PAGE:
Taekwondo uses a crisp and linear and straight motion while practicing its movements. Hapkido, on the contrary, utilizes small and circular patterns of motion. Either is very damaging with every strike being precise and timed correctly. It can often turn out to be deadly.
Hapkido readily employs grappling techniques in order to pin the opponent to the ground. On the contrary, Taekwondo doesn’t use any such grappling techniques and targets only the upper body of the opponent.
We all know that traditional Taekwondo never uses weapons. Some modern variations of it do have the employment of a full staff at some instances.
In Hapkido, weapons are a piece of common knowledge. Hapkido practitioners have to practice on defending themselves against numerous types of a weapons attack. Therefore, Hapkido prepares for a real-life altercation, kind of situation training in defence against knives, baton, and rope, and even guns pending on the school.
Which is More Effective in a Street Fight?
When the question arises of learning and mastering a martial art form, it is important to mention that both are equally effective. It is necessary to note that every style has its own effectiveness and unique places for utilization. Of course! But how can we guess which is the right time to use it and how?. Let’s have a look.
Hapkido is more damaging when it comes to full fighting stances, motions, and attacks. As it is high on the offensive side, the harm to opponents once struck is massive. The strike leaves the opponent unfettered.
Wide range of tactics such as pining, throwing , striking and standing locks are used by Hapkido practitioners. Grappling, in this case, is on the ground. It helps in holding, pinning and finishing the opponent. The footwork of Hapkido fighters is highly impressive as well and assists in incapacitation.
Taekwondo, on the other hand, is a sport. Some taekwondo skills can indeed be applied to a street fight. If you are caught in the chaos of a street fight the many techniques of Taekwondo – blocking, dodging and footwork comes in very handy.
However, Taekwondo lacks in grappling, and the hand is mostly used as a backup. On the other hand, Judo is an all-rounder in terms of technique and hence has the edge over Taekwondo when it comes to evading or defending in a street fight.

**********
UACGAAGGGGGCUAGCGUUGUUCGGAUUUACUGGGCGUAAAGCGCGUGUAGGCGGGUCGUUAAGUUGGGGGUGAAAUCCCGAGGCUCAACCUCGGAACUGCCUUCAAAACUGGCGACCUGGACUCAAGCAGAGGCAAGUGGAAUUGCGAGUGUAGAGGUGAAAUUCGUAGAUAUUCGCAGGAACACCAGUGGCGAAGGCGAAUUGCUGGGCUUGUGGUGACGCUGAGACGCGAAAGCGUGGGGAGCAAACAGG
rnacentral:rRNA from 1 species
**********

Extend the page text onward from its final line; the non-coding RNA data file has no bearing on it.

Which is Better for self-defence?
Taekwondo emphasizes kicks as its prominent fighting technique for self-defense. Kicks can be an advantageous technique if you train correctly in speed, headbutts and so on in a mobile stance. In the event of an attack, the multiple kicks, executed swiftly, can come in handy.
The manoeuvres focus on manipulation or redirection instead of strength by hitting the pressure points, attending joint locks, choking and freezing techniques.
Hapkido is not as well-known as Taekwondo currently. When it comes to self- defense, all of its trapping techniques which include numerous breaks and throws are very efficient.
Hapkido was created to focus more on the defense aspect . The goal is to minimize the advantage of size and strength for a person. The goal when it comes to Hapkido is to deliver with a lot of impacts.
This strategy of Hapkido, along with its framework is advantageous when warding off an adversary. The elbow and knee strikes in Hapkido can put the opponent in a tight spot. Since it teaches how to defend against a weapon, it becomes a major plus.
Which is Easier to Learn?
Well, it is a fifty-fifty situation with Taekwondo and Hapkido in this case. But Hapkido is slightly more accessible.
If we compare in terms of the years it takes for an individual to reach the black belt for Taekwondo and Hapkido, the former takes three to five years while the latter also takes roughly about three years.
It might sound like an understatement, but it is very accurate that Hapkido was designed for self- defense in a way. Despite everything, both martial art forms require a rigorous training regime.
Which one should I choose?
Hapkido teaches you how to be comfortable in maneuvering against your opponent. You can win by leveraging your opponent’s weight and strength against them.
Taekwondo, on the other hand, takes less time and employs the use of legs to an enormous extent. Taekwondo is an aggressive sport as well, and both the sports have their fair share of weaknesses and strengths and pros and cons. It is imperative to understand all the aspects and then make a decision.
So what should you choose?
Both the art forms promote peace and detest anger and aggression. The aim is to restore unity around the globe. Ultimately, it takes time to evolve and grow.
Since the styles of both overlap a lot, a student might get confused. But the essential thing is to research and learn. Browse the internet if you have to. Visit martial art schools for both. Understand your own strengths and weaknesses.
But always listen to your heart!